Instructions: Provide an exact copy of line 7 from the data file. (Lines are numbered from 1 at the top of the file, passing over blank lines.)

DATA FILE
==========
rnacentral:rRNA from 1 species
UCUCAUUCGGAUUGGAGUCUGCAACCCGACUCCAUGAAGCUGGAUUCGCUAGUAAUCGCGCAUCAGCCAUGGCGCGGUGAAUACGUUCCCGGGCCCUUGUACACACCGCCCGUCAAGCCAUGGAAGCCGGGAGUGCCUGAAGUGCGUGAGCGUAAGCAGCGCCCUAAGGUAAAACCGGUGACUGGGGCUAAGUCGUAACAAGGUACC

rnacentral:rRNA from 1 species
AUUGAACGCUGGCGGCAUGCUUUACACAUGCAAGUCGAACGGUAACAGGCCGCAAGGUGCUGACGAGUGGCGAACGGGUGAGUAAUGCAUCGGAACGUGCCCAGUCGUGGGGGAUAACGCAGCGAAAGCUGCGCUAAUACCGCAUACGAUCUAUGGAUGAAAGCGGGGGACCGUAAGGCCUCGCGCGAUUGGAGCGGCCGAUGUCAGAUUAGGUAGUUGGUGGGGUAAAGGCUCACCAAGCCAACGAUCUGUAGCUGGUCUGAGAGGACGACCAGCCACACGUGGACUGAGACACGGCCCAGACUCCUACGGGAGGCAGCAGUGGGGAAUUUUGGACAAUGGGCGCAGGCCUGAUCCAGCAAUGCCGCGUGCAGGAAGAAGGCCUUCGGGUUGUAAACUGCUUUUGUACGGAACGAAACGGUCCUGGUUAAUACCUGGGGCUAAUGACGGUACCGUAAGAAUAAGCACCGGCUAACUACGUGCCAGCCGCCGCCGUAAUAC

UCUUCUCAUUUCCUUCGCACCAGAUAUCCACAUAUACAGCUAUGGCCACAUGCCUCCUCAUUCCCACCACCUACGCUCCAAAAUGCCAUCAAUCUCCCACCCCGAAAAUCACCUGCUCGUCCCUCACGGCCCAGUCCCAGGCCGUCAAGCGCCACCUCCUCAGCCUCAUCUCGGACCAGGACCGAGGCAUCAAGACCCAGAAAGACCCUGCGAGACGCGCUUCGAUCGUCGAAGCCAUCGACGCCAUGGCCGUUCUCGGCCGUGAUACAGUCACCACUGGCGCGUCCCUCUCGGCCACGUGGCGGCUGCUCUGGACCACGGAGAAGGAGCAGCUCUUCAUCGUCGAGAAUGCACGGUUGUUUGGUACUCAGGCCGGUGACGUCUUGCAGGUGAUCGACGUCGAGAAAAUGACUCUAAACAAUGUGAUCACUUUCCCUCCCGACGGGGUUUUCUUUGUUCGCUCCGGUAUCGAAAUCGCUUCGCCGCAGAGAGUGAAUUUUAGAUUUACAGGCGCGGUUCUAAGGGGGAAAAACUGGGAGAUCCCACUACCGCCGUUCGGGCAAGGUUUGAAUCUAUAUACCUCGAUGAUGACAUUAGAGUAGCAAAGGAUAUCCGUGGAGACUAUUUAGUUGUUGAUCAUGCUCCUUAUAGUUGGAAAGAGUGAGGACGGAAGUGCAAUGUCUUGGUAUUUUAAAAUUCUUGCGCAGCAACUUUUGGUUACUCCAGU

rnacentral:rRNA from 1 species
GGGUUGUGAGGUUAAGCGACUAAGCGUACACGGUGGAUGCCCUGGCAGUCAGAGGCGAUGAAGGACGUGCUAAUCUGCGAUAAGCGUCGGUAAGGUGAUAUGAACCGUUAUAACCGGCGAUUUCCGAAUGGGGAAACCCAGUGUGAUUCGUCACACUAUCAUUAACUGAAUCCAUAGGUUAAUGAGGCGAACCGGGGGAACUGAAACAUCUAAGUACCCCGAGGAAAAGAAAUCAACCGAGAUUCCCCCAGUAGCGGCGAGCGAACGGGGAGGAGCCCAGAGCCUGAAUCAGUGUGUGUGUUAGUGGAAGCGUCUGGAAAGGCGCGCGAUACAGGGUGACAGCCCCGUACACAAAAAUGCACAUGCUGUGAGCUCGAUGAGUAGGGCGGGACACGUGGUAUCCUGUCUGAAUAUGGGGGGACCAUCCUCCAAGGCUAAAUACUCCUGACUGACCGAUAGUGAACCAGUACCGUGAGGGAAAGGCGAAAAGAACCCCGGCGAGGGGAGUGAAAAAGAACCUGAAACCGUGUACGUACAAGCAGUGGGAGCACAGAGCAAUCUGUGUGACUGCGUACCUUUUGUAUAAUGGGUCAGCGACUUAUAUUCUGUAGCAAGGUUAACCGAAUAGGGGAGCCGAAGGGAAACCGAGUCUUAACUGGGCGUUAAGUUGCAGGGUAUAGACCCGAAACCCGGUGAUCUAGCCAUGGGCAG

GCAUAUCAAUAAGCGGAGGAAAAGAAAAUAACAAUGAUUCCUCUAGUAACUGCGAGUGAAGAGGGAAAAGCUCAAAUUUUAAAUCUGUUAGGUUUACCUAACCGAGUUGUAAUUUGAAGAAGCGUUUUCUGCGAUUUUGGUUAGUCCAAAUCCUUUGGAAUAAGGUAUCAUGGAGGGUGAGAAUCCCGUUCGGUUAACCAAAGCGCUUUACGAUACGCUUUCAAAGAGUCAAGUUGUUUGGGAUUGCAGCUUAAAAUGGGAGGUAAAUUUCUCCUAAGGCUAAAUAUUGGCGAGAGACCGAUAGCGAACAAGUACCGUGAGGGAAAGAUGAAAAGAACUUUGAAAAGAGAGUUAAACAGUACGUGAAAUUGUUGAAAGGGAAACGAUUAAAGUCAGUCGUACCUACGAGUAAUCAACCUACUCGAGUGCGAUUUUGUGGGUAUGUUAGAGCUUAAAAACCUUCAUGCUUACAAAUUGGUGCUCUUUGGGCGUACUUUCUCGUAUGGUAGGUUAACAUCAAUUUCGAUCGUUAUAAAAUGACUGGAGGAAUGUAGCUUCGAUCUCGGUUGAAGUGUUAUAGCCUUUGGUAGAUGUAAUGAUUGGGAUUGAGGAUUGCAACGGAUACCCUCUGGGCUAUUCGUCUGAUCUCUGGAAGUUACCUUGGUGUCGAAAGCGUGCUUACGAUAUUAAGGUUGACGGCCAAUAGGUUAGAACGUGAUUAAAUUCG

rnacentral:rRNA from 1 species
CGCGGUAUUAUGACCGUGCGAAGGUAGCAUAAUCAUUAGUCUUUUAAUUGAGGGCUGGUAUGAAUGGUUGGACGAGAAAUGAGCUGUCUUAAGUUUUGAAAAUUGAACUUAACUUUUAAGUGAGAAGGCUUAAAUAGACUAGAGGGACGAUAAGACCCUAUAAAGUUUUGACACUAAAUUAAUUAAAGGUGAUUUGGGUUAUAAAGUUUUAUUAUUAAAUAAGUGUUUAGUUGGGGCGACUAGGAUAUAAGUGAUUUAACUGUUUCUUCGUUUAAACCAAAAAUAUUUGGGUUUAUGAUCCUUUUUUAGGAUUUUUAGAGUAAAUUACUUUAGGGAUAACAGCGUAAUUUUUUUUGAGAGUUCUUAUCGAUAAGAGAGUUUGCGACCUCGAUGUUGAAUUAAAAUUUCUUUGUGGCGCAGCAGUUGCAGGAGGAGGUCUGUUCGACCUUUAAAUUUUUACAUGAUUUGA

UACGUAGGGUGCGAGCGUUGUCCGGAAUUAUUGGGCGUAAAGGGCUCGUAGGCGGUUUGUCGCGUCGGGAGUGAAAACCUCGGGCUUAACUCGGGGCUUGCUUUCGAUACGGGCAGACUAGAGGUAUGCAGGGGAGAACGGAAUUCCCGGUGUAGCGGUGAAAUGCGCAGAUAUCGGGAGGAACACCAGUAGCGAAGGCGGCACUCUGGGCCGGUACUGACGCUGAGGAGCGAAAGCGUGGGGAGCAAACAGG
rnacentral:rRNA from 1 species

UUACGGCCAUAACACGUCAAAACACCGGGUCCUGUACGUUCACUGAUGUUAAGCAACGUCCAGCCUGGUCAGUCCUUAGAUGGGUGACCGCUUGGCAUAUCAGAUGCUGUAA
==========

GGGUUGUGAGGUUAAGCGACUAAGCGUACACGGUGGAUGCCCUGGCAGUCAGAGGCGAUGAAGGACGUGCUAAUCUGCGAUAAGCGUCGGUAAGGUGAUAUGAACCGUUAUAACCGGCGAUUUCCGAAUGGGGAAACCCAGUGUGAUUCGUCACACUAUCAUUAACUGAAUCCAUAGGUUAAUGAGGCGAACCGGGGGAACUGAAACAUCUAAGUACCCCGAGGAAAAGAAAUCAACCGAGAUUCCCCCAGUAGCGGCGAGCGAACGGGGAGGAGCCCAGAGCCUGAAUCAGUGUGUGUGUUAGUGGAAGCGUCUGGAAAGGCGCGCGAUACAGGGUGACAGCCCCGUACACAAAAAUGCACAUGCUGUGAGCUCGAUGAGUAGGGCGGGACACGUGGUAUCCUGUCUGAAUAUGGGGGGACCAUCCUCCAAGGCUAAAUACUCCUGACUGACCGAUAGUGAACCAGUACCGUGAGGGAAAGGCGAAAAGAACCCCGGCGAGGGGAGUGAAAAAGAACCUGAAACCGUGUACGUACAAGCAGUGGGAGCACAGAGCAAUCUGUGUGACUGCGUACCUUUUGUAUAAUGGGUCAGCGACUUAUAUUCUGUAGCAAGGUUAACCGAAUAGGGGAGCCGAAGGGAAACCGAGUCUUAACUGGGCGUUAAGUUGCAGGGUAUAGACCCGAAACCCGGUGAUCUAGCCAUGGGCAG